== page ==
ILNews

Court: Records inspection needs testimony

Jennifer Nelson
January 1, 2008
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The Indiana Court of Appeals reversed a trial court decision to allow a couple to inspect a company's financial statements, finding the trial court relied only on an affidavit - and not testimony - to allow the inspection.

In Bacompt Systems, Inc. v. Angelina Peck and David C. Peck, No. 29A02-0708-CV-646, the Pecks made separate written requests to view Bacompt's financial documents. The Pecks, who lived in Pennsylvania, owned approximately 25 percent of the company's stock. Prior to David C. Peck's termination as president of Bacompt in May 2006, Angelina filed for divorce in Pennsylvania.

David C. Peck made his request to Bacompt for the financial documents to see if Buddy C. Stanley, the principal shareholder of Bacompt, had misappropriated funds. Stanley had filed a suit in federal court accusing David of writing unauthorized Bacompt checks for his and Angelina's personal use. Angelina requested Bacompt's financial documents to try to value her stock holdings in the company.

Initially, Bacompt refused to hand over the documents, citing David didn't specify his purpose for the documents in his written request and the company's belief that Angelina's request was untimely. Later, the company agreed to hand over certain documents, but would not turn over the KSM report, which is prepared by the company's outside accountant and included an analysis relating to the checks that are of issue in the federal lawsuit as well as a review of expenses charged to Bacompt from 2003 through 2005.

The Pecks then filed a petition for inspection of corporate records, which the trial court granted based on an affidavit submitted from Angelina with the pre-hearing brief that stated she needed to inspect the records to value her stock in her pending divorce.

Bacompt appealed, stating the Pecks didn't prove under Indiana Code 23-1-52-2 that their demand for inspection was in good faith and for a proper purpose, as well as the trial court erred in allowing the KSM report in the inspection of documents.

The Court of Appeals found no abuse of discretion when the trial court accepted Angelina's affidavit after a motion was filed. However, the appellate court did find the trial court erred in relying on Angelina's affidavit to enter its judgment.

Pursuant to Trial Rule 43(A), testimony was required to be given in open court in order to allow Bacompt the right to cross-examine and to observe witnesses' demeanor and determine credibility, wrote Judge Cale Bradford.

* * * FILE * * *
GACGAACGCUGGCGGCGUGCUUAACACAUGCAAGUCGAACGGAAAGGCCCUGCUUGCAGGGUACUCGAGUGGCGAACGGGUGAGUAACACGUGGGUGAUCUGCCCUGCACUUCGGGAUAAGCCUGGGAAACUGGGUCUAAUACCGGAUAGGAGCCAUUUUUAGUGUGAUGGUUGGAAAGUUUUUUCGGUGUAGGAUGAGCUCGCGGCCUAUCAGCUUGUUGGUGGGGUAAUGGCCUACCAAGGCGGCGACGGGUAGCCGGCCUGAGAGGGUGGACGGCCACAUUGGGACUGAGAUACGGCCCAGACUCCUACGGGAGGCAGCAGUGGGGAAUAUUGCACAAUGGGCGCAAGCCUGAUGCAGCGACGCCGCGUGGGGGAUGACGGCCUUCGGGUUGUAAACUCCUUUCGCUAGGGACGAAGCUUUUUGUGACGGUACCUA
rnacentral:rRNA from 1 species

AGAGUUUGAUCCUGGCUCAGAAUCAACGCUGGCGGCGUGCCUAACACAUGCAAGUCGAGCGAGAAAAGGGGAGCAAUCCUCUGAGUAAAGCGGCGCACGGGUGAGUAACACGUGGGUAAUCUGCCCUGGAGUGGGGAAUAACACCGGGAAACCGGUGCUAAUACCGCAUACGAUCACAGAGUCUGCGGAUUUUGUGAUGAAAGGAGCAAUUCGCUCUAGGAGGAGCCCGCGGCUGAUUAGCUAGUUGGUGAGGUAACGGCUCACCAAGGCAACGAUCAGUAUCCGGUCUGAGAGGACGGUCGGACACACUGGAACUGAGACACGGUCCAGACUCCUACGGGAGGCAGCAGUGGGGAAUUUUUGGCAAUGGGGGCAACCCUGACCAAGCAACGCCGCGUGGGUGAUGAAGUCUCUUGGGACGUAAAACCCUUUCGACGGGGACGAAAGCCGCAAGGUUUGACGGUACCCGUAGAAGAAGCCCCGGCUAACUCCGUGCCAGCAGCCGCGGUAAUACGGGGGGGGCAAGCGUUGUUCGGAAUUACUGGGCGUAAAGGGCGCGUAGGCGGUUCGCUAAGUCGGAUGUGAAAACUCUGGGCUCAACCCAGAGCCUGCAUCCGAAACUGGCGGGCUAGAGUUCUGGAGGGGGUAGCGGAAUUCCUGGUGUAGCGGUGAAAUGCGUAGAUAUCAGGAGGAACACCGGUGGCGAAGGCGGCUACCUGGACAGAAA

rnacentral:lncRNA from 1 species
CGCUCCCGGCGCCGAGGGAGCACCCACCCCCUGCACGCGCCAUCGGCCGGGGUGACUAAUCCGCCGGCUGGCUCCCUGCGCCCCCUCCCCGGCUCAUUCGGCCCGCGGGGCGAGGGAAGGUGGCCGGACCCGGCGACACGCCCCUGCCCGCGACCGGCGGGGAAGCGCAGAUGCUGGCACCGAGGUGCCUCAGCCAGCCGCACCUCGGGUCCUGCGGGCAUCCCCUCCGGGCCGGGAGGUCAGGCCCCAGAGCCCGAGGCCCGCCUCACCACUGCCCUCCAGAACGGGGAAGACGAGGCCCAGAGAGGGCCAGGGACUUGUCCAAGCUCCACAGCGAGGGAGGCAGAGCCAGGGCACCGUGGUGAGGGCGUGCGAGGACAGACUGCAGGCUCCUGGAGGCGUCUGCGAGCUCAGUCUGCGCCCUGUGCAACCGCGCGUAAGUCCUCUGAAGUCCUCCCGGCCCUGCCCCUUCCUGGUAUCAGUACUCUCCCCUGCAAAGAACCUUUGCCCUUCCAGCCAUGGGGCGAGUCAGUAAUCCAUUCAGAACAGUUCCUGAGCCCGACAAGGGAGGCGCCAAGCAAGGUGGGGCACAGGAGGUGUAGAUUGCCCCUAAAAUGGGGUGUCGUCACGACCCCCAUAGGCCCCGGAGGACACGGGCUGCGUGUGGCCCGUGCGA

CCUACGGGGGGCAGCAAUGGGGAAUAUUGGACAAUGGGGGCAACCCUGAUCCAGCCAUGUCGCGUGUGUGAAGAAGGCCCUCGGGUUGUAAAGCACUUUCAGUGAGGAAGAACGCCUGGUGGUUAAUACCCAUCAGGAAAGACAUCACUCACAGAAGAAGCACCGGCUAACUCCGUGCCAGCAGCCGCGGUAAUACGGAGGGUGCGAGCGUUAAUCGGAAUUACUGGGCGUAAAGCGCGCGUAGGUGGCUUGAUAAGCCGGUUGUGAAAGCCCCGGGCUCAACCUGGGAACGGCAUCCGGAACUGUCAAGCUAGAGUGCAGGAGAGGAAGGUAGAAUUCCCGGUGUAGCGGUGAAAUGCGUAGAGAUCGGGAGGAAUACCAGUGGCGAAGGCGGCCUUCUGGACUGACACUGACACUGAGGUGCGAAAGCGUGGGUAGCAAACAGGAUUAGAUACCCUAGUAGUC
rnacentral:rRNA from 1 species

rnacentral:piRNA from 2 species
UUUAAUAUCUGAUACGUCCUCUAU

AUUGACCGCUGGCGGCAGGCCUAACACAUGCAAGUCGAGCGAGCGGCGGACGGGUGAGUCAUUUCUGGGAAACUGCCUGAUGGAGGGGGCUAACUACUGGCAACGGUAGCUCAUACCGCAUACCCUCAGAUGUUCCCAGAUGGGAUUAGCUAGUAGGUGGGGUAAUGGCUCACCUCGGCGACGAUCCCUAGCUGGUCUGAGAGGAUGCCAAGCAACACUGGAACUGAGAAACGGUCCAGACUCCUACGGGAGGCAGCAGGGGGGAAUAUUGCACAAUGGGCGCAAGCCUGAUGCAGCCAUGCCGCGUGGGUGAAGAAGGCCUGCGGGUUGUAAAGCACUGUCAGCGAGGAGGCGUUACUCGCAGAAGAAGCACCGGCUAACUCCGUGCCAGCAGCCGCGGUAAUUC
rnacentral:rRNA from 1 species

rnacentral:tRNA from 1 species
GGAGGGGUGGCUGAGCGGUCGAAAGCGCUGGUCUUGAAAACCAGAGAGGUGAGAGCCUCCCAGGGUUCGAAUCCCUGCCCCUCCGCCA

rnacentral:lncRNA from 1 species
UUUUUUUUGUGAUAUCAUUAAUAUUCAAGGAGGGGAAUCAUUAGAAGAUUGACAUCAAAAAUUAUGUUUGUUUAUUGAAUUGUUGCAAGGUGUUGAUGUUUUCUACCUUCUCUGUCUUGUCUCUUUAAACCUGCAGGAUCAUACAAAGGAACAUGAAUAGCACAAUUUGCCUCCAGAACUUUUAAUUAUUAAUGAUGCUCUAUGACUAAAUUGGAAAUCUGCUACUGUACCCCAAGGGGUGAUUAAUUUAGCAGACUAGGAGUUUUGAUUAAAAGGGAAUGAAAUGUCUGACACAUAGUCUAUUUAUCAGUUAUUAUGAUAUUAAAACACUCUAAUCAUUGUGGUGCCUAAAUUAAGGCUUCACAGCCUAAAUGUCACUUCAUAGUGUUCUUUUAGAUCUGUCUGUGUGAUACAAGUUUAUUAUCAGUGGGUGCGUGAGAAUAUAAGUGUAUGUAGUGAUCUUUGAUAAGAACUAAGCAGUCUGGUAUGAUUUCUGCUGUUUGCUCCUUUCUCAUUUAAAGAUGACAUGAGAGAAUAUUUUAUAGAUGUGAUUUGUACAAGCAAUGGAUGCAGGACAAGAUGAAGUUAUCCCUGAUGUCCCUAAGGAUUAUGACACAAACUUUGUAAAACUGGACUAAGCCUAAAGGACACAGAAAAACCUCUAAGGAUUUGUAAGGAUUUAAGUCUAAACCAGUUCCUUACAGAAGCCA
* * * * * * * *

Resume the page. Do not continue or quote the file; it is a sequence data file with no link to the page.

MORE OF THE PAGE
"In that Angelina's affidavit was introduced into evidence in lieu of her testimony for purposes of establishing - as a matter of fact - the Pecks's purpose in seeking to inspect Bacompt's corporate records, we conclude this was an error," he wrote.

In regards to Bacompt's appeal, the KSM report should not be included for inspection; the appellate court ruled the trial court should determine that on remand. Since there was no factual record in this case demonstrating a proper purpose, Judge Bradford wrote it was unnecessary for the appellate court to address this issue.
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  1. A sad end to a prolific gadfly. Indiana has suffered a great loss in the journalistic realm.

  2. Good riddance to this dangerous activist judge

  3. What is the one thing the Hoosier legal status quo hates more than a whistleblower? A lawyer whistleblower taking on the system man to man. That must never be rewarded, must always, always, always be punished, lest the whole rotten tree be felled.

  4. I want to post this to keep this tread alive and hope more of David's former clients might come forward. In my case, this coward of a man represented me from June 2014 for a couple of months before I fired him. I knew something was wrong when he blatantly lied about what he had advised me in my contentious and unfortunate divorce trial. His impact on the proceedings cast a very long shadow and continues to impact me after a lengthy 19 month divorce. I would join a class action suit.

  5. The dispute in LB Indiana regarding lake front property rights is typical of most beach communities along our Great Lakes. Simply put, communication to non owners when visiting the lakefront would be beneficial. The Great Lakes are designated navigational waters (including shorelines). The high-water mark signifies the area one is able to navigate. This means you can walk, run, skip, etc. along the shores. You can't however loiter, camp, sunbath in front of someones property. Informational signs may be helpful to owners and visitors. Our Great Lakes are a treasure that should be enjoyed by all. PS We should all be concerned that the Long Beach, Indiana community is on septic systems.

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